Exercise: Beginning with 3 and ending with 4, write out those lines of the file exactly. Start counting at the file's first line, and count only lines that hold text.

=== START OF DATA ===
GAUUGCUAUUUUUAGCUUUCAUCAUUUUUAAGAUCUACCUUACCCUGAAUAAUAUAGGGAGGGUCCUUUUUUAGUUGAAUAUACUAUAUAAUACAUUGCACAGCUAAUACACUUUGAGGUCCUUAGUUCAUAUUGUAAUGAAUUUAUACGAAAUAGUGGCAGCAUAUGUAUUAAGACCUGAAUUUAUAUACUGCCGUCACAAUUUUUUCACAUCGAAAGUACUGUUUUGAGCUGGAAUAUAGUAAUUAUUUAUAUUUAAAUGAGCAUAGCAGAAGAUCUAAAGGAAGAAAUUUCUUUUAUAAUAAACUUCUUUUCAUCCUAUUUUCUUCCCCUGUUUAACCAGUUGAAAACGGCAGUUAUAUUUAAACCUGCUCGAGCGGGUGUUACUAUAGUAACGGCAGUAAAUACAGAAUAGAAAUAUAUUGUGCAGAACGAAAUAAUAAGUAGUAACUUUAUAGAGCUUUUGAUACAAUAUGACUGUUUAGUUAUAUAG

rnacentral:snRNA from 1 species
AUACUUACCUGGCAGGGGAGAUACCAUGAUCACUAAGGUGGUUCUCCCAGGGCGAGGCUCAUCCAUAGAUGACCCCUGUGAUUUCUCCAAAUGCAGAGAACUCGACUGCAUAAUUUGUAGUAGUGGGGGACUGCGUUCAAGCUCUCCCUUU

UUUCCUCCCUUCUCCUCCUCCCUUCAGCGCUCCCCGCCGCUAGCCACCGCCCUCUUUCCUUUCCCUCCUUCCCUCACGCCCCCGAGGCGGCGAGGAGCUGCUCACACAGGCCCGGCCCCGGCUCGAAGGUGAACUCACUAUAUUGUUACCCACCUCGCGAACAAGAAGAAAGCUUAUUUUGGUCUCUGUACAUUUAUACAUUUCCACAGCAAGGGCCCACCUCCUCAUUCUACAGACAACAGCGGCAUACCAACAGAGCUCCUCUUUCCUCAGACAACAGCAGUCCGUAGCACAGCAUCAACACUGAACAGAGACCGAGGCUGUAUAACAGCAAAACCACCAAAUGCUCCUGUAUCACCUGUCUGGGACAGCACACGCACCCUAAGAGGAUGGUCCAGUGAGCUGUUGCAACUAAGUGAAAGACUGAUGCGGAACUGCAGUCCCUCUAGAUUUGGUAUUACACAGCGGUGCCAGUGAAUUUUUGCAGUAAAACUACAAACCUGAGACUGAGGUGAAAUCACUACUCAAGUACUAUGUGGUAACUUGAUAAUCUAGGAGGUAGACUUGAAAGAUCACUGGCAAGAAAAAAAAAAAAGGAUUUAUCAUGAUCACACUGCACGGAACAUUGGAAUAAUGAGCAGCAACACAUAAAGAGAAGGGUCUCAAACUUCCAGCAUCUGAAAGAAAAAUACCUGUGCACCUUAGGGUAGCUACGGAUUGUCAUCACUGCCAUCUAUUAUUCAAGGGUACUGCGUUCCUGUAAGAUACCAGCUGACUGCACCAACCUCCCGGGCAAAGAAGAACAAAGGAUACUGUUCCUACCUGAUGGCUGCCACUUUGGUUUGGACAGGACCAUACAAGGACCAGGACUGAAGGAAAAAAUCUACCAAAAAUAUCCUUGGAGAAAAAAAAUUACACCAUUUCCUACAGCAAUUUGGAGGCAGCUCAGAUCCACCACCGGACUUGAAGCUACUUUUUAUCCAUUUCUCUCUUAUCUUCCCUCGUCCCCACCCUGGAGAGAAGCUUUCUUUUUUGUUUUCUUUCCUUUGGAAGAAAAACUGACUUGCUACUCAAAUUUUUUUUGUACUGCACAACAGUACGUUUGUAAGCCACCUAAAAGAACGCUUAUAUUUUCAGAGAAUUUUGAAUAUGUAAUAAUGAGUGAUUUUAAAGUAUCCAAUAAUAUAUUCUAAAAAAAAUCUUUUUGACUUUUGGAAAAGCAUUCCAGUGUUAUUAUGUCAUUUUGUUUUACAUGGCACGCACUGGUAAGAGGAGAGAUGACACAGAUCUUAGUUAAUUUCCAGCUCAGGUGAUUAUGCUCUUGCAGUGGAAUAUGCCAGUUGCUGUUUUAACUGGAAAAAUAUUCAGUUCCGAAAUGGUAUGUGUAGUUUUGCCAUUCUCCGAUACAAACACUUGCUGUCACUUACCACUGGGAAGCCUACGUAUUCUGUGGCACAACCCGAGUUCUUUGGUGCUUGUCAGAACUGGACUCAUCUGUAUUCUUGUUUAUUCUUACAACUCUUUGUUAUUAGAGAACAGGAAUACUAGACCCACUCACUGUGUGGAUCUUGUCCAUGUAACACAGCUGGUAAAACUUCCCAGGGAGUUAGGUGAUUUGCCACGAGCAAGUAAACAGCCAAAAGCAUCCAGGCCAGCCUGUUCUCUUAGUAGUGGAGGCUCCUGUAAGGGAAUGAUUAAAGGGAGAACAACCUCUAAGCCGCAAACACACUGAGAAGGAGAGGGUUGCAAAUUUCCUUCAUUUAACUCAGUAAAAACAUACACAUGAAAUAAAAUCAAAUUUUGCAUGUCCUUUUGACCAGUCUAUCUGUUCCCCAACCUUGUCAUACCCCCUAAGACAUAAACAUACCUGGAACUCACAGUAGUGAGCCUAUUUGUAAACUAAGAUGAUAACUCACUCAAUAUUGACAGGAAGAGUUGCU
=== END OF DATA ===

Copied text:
AUACUUACCUGGCAGGGGAGAUACCAUGAUCACUAAGGUGGUUCUCCCAGGGCGAGGCUCAUCCAUAGAUGACCCCUGUGAUUUCUCCAAAUGCAGAGAACUCGACUGCAUAAUUUGUAGUAGUGGGGGACUGCGUUCAAGCUCUCCCUUU

UUUCCUCCCUUCUCCUCCUCCCUUCAGCGCUCCCCGCCGCUAGCCACCGCCCUCUUUCCUUUCCCUCCUUCCCUCACGCCCCCGAGGCGGCGAGGAGCUGCUCACACAGGCCCGGCCCCGGCUCGAAGGUGAACUCACUAUAUUGUUACCCACCUCGCGAACAAGAAGAAAGCUUAUUUUGGUCUCUGUACAUUUAUACAUUUCCACAGCAAGGGCCCACCUCCUCAUUCUACAGACAACAGCGGCAUACCAACAGAGCUCCUCUUUCCUCAGACAACAGCAGUCCGUAGCACAGCAUCAACACUGAACAGAGACCGAGGCUGUAUAACAGCAAAACCACCAAAUGCUCCUGUAUCACCUGUCUGGGACAGCACACGCACCCUAAGAGGAUGGUCCAGUGAGCUGUUGCAACUAAGUGAAAGACUGAUGCGGAACUGCAGUCCCUCUAGAUUUGGUAUUACACAGCGGUGCCAGUGAAUUUUUGCAGUAAAACUACAAACCUGAGACUGAGGUGAAAUCACUACUCAAGUACUAUGUGGUAACUUGAUAAUCUAGGAGGUAGACUUGAAAGAUCACUGGCAAGAAAAAAAAAAAAGGAUUUAUCAUGAUCACACUGCACGGAACAUUGGAAUAAUGAGCAGCAACACAUAAAGAGAAGGGUCUCAAACUUCCAGCAUCUGAAAGAAAAAUACCUGUGCACCUUAGGGUAGCUACGGAUUGUCAUCACUGCCAUCUAUUAUUCAAGGGUACUGCGUUCCUGUAAGAUACCAGCUGACUGCACCAACCUCCCGGGCAAAGAAGAACAAAGGAUACUGUUCCUACCUGAUGGCUGCCACUUUGGUUUGGACAGGACCAUACAAGGACCAGGACUGAAGGAAAAAAUCUACCAAAAAUAUCCUUGGAGAAAAAAAAUUACACCAUUUCCUACAGCAAUUUGGAGGCAGCUCAGAUCCACCACCGGACUUGAAGCUACUUUUUAUCCAUUUCUCUCUUAUCUUCCCUCGUCCCCACCCUGGAGAGAAGCUUUCUUUUUUGUUUUCUUUCCUUUGGAAGAAAAACUGACUUGCUACUCAAAUUUUUUUUGUACUGCACAACAGUACGUUUGUAAGCCACCUAAAAGAACGCUUAUAUUUUCAGAGAAUUUUGAAUAUGUAAUAAUGAGUGAUUUUAAAGUAUCCAAUAAUAUAUUCUAAAAAAAAUCUUUUUGACUUUUGGAAAAGCAUUCCAGUGUUAUUAUGUCAUUUUGUUUUACAUGGCACGCACUGGUAAGAGGAGAGAUGACACAGAUCUUAGUUAAUUUCCAGCUCAGGUGAUUAUGCUCUUGCAGUGGAAUAUGCCAGUUGCUGUUUUAACUGGAAAAAUAUUCAGUUCCGAAAUGGUAUGUGUAGUUUUGCCAUUCUCCGAUACAAACACUUGCUGUCACUUACCACUGGGAAGCCUACGUAUUCUGUGGCACAACCCGAGUUCUUUGGUGCUUGUCAGAACUGGACUCAUCUGUAUUCUUGUUUAUUCUUACAACUCUUUGUUAUUAGAGAACAGGAAUACUAGACCCACUCACUGUGUGGAUCUUGUCCAUGUAACACAGCUGGUAAAACUUCCCAGGGAGUUAGGUGAUUUGCCACGAGCAAGUAAACAGCCAAAAGCAUCCAGGCCAGCCUGUUCUCUUAGUAGUGGAGGCUCCUGUAAGGGAAUGAUUAAAGGGAGAACAACCUCUAAGCCGCAAACACACUGAGAAGGAGAGGGUUGCAAAUUUCCUUCAUUUAACUCAGUAAAAACAUACACAUGAAAUAAAAUCAAAUUUUGCAUGUCCUUUUGACCAGUCUAUCUGUUCCCCAACCUUGUCAUACCCCCUAAGACAUAAACAUACCUGGAACUCACAGUAGUGAGCCUAUUUGUAAACUAAGAUGAUAACUCACUCAAUAUUGACAGGAAGAGUUGCU